By Cindy Krischer Goodman
It’s a trying time for anyone running a company today, and Florida businesswomen are even more concerned about declining revenue growth and profitability than they were a year ago. But they’re also more optimistic about the future than in prior years.
Those insights come from the Florida’s Woman-Led Businesses 2010 study by the FIU Center for Leadership and The Commonwealth Institute South Florida, to be released Thursday.
Of the 300-plus women CEOs and presidents surveyed, nearly 40 percent had a revenue decline of more than 5 percent, an upsurge from the 2009 survey when 25 percent reported a decline. Despite the challenges, most say they are satisfied with work-life balance. But more women — 70 percent this year vs. 46 percent last — say their career is interfering with their responsibilities at home.
For Christine Franklin, president of Miami-based Cherokee Enterprises, the survey is simply confirmation of the worries that keep her up at night.
Franklin will tell you she devotes more hours to calculating profitability now than in the past — time she used to devote to forging a long-term strategy for her environmental engineering firm.
Her day looks completely different from it did two years ago, Franklin says. “I’m working much harder to get business in the door.”
For the first time in history, the success of women business leaders is critical, as powerful economic engines in the new economy. With women-led businesses employing more than 23 million people, the decisions they make and their ability to survive the downturn makes them a huge player in the recovery. In Florida, the top 50 women-led businesses employ about 9,000 people and the majority provide those workers health insurance; each has revenues of $5 million or more.
According to the survey, these women leading multimillion-dollar businesses love what they do, have a lot on their plates and feel the weight of employees counting on them for a paycheck and benefits. To cope, most are re-strategizing, looking new sources of financings, ways to minimize costs, attract new business and keep top employees.
The good news: Despite their current struggle for profitability, women leaders are surprisingly optimistic: 43 percent said they expected 5 percent or greater growth over the next two years, up from 27 percent last year. And almost half expect to grow their workforce in the next two years.
For now, it appears growth has taken a back seat to survival. Almost one quarter of the survey participants had downsized their companies in the past year, and only 8 percent had hired new talent.
At Everglades Direct in Sunrise, president Susan Drenning says she has shifted the strategy for her business, which sells employee management/human resources products to small businesses.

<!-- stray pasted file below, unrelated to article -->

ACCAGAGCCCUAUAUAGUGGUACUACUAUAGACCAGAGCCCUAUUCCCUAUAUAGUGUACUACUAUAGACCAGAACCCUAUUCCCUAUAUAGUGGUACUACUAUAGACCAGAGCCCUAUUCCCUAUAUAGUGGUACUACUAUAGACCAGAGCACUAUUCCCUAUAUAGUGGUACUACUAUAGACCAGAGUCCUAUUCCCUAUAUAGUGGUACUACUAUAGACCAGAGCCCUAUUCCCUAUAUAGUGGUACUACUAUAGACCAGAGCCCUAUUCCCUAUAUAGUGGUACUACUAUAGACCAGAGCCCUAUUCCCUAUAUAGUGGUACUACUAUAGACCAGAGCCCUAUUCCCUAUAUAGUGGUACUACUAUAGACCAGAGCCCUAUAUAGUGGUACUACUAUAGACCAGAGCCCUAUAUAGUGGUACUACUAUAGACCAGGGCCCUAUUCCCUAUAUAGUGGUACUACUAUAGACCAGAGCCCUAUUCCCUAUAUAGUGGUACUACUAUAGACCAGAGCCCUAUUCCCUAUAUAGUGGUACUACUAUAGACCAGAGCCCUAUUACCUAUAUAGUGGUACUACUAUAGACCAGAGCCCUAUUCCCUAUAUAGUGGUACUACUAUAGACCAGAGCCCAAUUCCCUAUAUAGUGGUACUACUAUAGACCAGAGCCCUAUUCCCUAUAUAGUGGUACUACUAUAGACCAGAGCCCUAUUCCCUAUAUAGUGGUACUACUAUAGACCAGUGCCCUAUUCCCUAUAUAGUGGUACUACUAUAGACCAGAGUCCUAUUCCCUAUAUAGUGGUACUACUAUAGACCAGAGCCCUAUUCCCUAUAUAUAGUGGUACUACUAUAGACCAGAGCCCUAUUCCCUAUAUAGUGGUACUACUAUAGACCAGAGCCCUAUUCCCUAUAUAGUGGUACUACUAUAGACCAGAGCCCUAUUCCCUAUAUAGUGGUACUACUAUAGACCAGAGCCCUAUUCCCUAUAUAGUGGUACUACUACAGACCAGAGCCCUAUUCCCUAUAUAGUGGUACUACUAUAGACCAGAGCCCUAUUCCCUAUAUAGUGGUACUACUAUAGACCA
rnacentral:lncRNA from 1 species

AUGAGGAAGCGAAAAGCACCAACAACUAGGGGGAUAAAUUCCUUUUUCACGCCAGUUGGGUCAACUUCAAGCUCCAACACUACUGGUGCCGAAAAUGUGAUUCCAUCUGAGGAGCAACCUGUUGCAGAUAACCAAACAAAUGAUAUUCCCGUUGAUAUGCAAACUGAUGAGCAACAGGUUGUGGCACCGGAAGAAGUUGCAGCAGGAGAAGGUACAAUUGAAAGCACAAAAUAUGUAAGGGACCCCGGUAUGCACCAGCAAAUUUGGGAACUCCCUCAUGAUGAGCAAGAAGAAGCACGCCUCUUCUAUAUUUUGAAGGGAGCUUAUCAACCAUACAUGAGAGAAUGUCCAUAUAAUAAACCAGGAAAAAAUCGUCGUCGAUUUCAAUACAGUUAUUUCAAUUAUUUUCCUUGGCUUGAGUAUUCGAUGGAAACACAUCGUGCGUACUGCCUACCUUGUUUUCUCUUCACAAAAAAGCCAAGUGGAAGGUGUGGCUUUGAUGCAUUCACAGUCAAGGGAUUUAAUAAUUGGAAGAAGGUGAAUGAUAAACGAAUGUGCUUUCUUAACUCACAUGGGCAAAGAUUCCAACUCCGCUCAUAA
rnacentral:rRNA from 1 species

“We are going back and learning new ways to connect with customers and looking at how technology can enable that,” she says.
Drenning also has adjusted her expectations of what customers will buy, rethinking items that they longer want.
Drenning is keeping a sharp eye out for signs or trigger events that might signal a shift toward growth.
Still, she worries about the economy’s effects on her employees, knowing that the benefits she can provide them are fewer at this time.
Male business leaders may well have the same concerns. What is different for women, experts say, is the way they balance work and their personal lives as they steer their companies through this recession.
Most — 75 percent — are married, and say they discuss work concerns with their families, even brainstorming at the dinner table and often acting on the advice they get at home.
“Women are more warm to mentoring, more apt to seek advice or support from others and to remain optimistic,” says Jodi Cross, executive director of The Commonwealth Institute South Florida, a nonprofit organization for women entrepreneurs and executives. “Men want to figure it out on their own.”
Franklin says she regularly seeks collaboration, particularly at home.
“Talking something through with my family helps me get a different perspective,” she says.
Women leaders also say knowing their families are well cared for at home keeps them positive at work. Mayra Beers, director of FIU Center for Leadership, believes that fact contributes to the attention women leaders pay to the well-being of their employees. This new report found that 91 percent of the women leaders provide health insurance to their employees, compared with a national average of 60 percent.
“They are trying to create an environment for their employees so too they can feel more positive about their work.”
Cindy Krischer Goodman can be reached at balance firstname.lastname@example.org.
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